ourselves from negative thoughts when we feel their weight bearing down on our
minds. If we consistently ignore a persistent thought, we often end up fueling
its power and pull. We are telling our mind that it is too scary to "go there,"
and our fear subsequently grows.
Paying attention to these thoughts might be
another path to managing them. If you really follow your thoughts, you may
notice that they are more associated with how you might feel in the
future, rather than how you actually feel in the present.
We may think, "Wow, how will I ever finish
this run if it feels so tough now?" Even though the future could be as short as
a few seconds away, you really cannot know for sure how you will feel
down the road.
During a tough run, we may worry that we
cannot maintain intensity or even make it to the finish. But these thoughts,
although very real, often have no basis in reality. We do, however, have
control of the present moment.
If we remain aware of our thoughts we are
better able to understand their basis in reality and connect with how we
actually feel in the present. Finally, you leave yourself open to the very real
possibility that you might actually feel better down the road!
If you keep bringing your mind back to the
moment you will be better able to manage how you feel during your run. You may
notice that you feel pretty good or you may be able to change your breathing
and form to help yourself feel better.
Many runners successfully manage negative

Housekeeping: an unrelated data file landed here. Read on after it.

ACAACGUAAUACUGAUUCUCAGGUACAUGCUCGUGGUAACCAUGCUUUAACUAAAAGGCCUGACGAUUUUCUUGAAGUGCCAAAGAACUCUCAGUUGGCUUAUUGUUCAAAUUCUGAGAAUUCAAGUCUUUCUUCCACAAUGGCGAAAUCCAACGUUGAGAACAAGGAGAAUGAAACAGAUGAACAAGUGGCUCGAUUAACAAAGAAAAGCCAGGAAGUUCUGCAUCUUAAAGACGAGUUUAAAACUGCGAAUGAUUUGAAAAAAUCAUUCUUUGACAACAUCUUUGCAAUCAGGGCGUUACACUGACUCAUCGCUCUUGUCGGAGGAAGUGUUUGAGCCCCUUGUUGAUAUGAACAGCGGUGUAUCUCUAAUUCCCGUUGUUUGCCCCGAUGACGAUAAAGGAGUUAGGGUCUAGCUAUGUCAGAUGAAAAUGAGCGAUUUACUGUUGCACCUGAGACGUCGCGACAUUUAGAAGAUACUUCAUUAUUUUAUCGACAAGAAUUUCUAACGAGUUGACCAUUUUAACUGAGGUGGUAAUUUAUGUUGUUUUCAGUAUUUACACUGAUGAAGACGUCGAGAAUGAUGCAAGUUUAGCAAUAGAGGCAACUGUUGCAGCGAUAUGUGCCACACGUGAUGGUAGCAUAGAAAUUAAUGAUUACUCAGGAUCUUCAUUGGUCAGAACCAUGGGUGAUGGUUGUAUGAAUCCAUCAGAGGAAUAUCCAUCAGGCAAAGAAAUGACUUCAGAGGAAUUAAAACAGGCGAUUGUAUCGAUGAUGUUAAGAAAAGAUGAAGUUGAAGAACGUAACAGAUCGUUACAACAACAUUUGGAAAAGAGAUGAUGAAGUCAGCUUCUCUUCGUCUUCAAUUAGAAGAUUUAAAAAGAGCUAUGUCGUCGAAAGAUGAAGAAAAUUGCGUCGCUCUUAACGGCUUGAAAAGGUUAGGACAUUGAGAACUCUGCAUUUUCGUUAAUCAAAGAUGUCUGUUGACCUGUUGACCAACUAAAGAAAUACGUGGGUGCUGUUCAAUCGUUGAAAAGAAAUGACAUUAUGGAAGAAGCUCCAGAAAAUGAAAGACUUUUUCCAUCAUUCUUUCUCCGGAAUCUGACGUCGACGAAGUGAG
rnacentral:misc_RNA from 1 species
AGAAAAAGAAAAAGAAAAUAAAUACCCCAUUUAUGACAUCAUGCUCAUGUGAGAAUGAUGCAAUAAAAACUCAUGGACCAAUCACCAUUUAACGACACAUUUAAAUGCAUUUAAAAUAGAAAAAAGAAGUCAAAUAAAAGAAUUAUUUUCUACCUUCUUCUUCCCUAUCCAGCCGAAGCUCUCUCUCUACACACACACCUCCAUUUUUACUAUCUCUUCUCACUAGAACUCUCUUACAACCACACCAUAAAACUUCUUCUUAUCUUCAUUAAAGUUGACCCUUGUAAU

thoughts by noticing them while detaching from them emotionally. Some effective
strategies might be to think, "Oh, there are my negative thoughts again." Or
you could actually say hello to them and invite them in. Much like an annoying
houseguest, these thoughts are often less emotionally draining when you welcome
them and take them lightly.
If you really are having difficulty
with negative thinking, you may experience a great sense of power in knowing
that you can maintain the intensity of your run while feeling so lousy.
Let your mind flow
The beauty of running is that there is so
much time to think. The ability to engage our bodies while allowing our mind to
flow may account for the great emotional benefits of running. There are no
right or wrong ways to think or feel, but having some mental tools to try will
reward you with the most pleasure from your runs.
Dr. Rob Udewitz is a Clinical
Psychologist in private practice at Behavioral Associates in Manhattan,
specializing in cognitive behavioral and biofeedback techniques. A collegiate
runner, he now runs mostly for pleasure. However, he does admit to a continued